Millennials News BlockDigital disruption is forcing companies to support new ways to communicate with customers and CIOs to harness new IT skills and capabilities from their workforces.

For CIOs, Millennials (recent college graduates to those in their mid-30s) represent a sizeable portion of IT staffers who either already have these skills or require additional training to strengthen these skill sets.

Millennials are hungry to obtain new skills. According to a survey of 1,200 employed Millennials conducted by Mindflash, 88% said they are willing to make personal sacrifices including foregoing vacation time in order to train themselves with the skills needed to compete in the workforce today.

As CIOs consider training options for Millennials, it’s important to recognize that many IT professionals from this generation have different training preferences and needs than Baby Boomers and Gen X-ers.

A study conducted by Time Inc. found that Millennials switch media types 27 times every nonworking hour. This demonstrates how Millennials generally prefer to receive information and communications in small bits. Meanwhile, their penchant for multitasking reflects how they are non-linear learners.

As high-level leaders in the enterprise, CIOs also need to identify and provide training for the skill sets that IT staffers need, including Millennials. This includes pinpointing skill set gaps that can be addressed that can help the IT organization to perform at a higher level.

For Millennials, this often includes soft skills such as communications, listening, and relationship building that is needed to be effective performers and to become successful leaders. According to a study of 592 business and learning professionals conducted by the Association for Talent Development (ATD), 56% of Millennials are not equipped with the skills they need to be successful in the workforce.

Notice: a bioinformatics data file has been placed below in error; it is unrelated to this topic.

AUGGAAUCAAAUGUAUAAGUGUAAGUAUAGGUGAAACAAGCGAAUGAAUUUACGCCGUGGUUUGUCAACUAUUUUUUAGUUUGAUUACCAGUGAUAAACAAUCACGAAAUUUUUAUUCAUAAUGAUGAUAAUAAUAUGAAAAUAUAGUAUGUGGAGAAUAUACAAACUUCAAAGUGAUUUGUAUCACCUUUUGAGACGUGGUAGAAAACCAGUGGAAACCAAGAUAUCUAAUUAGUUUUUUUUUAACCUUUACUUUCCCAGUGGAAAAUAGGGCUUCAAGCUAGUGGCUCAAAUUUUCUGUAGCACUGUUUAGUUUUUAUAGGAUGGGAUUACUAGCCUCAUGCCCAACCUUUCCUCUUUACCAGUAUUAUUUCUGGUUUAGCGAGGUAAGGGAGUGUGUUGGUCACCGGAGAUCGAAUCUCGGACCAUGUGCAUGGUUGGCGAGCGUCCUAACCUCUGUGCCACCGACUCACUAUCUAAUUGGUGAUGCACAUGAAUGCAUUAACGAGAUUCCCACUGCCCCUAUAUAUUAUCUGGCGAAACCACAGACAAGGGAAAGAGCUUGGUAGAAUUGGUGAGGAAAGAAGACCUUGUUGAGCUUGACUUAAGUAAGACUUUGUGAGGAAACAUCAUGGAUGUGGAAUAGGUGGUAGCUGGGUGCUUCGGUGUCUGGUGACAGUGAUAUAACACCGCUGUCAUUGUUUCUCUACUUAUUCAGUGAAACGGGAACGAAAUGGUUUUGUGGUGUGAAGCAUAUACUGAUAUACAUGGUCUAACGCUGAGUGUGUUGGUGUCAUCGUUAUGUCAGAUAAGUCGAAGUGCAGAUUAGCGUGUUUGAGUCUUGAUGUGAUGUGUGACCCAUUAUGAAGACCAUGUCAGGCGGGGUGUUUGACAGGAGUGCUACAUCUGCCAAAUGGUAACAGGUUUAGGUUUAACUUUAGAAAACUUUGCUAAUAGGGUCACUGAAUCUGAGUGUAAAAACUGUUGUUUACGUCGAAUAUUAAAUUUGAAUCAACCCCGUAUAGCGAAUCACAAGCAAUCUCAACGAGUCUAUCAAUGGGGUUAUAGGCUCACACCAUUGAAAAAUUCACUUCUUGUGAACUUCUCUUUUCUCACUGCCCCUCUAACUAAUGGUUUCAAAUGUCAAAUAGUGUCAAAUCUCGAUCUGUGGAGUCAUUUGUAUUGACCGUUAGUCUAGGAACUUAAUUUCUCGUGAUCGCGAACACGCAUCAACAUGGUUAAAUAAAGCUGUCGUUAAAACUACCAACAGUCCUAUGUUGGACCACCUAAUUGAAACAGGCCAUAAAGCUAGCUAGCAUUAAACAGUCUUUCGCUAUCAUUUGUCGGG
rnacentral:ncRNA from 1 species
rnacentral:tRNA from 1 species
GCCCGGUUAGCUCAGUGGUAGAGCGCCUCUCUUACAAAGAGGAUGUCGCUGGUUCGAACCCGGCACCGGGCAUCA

Of course, not all employees are cut from the same cloth. Each staffer responds differently to various types of training. Some Millennials, for instance, prefer shorter training sessions that include the use of digital tools that employees can make use of when it’s convenient for them.

Many Millennials also prefer informal training techniques. According to the ATD study, 53% of respondents find on-the-job training to be the most effective training and development strategy for Millennials.

Millennials are also known to be workplace nomads, switching employers every two years on average compared to five years for Gen X-ers and seven years for Baby Boomers, according to the ATD study. While CIOs have to carefully consider the amount of training to invest in itinerant employees, job rotations are one way to help keep IT staffers engaged while helping to deepen the IT organization’s bench strength.

CIOs need to train IT workers not only for the skills that are needed today but also to pave the foundation for the future IT organization. One study predicts that more than 3.6 million Baby Boomers will retire in 2017 and that one-fourth of all Millennial workers will move into managerial posts. Identifying those IT staffers who exhibit leadership qualities and adequately preparing them for management roles has become more pressing than ever.

The dramatic increase in the use of digital tools and data is compelling CIOs to think differently about developing the skill sets needed to support the 21st Century enterprise.

“CIOs need to look at creating teams with the talent for building complex models and algorithms for machine learning, augmented reality and artificial intelligence,” says Jim Fowler, CIO at GE in an HMG Strategy Transformational CIO blog post. “Those are some of the areas where we’ll be competing intensely over the next decade.”

Key Takeaways

  • Digital disruption is forcing CIOs to harness new skills and capabilities from their IT staffs.
  • As CIOs consider training options for Millennials, they must recognize that many IT professionals from this generation have different training preferences and needs than Baby Boomers and Gen Xers.
  • CIOs also must identify the skill set gaps that need to be addressed to help the IT organization to perform at a higher level.